Two independent teams of researchers spanning the Broad Institute of MIT and Harvard, the Medical School, and the Harvard Stem Cell Institute have identified a precancerous state in blood that indicates a higher likelihood that an individual will develop blood cancers, according to their findings published in the New England Journal of Medicine last week.
Benjamin Ebert, an associate professor at the Medical School who led one of the research teams, said both groups studied DNA sequences in blood and focused on somatic mutations, mutations individuals acquire over time as opposed to those they inherit.
“In our study we found that individuals who have had detectable mutations in their blood have about a tenfold increased risk of developing blood cancer later in life,” Ebert said. “What we found is that these mutations in genes that lead to blood cancer are actually quite common. You can detect them in over 10 percent of people over the age of 70.”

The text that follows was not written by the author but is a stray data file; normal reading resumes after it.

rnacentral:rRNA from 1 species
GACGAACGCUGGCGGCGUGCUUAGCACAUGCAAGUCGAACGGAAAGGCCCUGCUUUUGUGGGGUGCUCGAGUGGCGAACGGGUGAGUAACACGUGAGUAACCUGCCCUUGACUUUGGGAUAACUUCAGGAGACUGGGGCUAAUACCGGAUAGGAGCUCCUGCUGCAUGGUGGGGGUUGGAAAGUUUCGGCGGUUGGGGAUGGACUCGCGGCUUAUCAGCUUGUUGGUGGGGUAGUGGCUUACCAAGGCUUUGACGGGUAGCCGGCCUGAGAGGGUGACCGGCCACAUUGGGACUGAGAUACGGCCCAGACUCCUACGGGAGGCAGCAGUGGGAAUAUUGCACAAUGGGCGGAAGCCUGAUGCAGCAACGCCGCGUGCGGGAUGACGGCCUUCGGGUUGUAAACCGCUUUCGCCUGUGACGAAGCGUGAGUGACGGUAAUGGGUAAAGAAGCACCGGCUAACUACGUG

While Ebert’s team specifically looked for mutations in genes that had already been linked to blood cancers, the other team, led by Medical School assistant professor Steven A. McCarroll, initially investigated whether somatic mutations contributed to the risk of developing schizophrenia, according to Ebert.
McCarroll said his team studied about 6,000 samples from psychiatric patients with schizophrenia or bipolar disorder and about 6,000 samples from a control group.
“In the end, the mutations that we found were present in both psychiatric patients and controlled [ones],” McCarroll said. “They don’t contribute to schizophrenia, but they definitely contribute to cancer.”
According to Ebert, this research project developed more rapidly than his prior work due to his team’s ability to leverage enormous data sets that had already been developed at the Broad Institute. Ebert said that the Broad Institute had collected blood samples from about 17,000 individuals for the purpose of researching genes that potentially lead to diabetes or cardiovascular disease, which Ebert then reused for his project on blood cancers.
Ebert said that while there is no current intervention to delay or prevent an individual from getting blood cancers, he hopes researchers will be able to develop approaches that can decrease an individual’s likelihood of developing the disease.
“Since people get this when they’re generally older, it may be possible to delay the development of a blood cancer long enough so that it doesn’t develop during the lifetime of an individual,” Ebert said.
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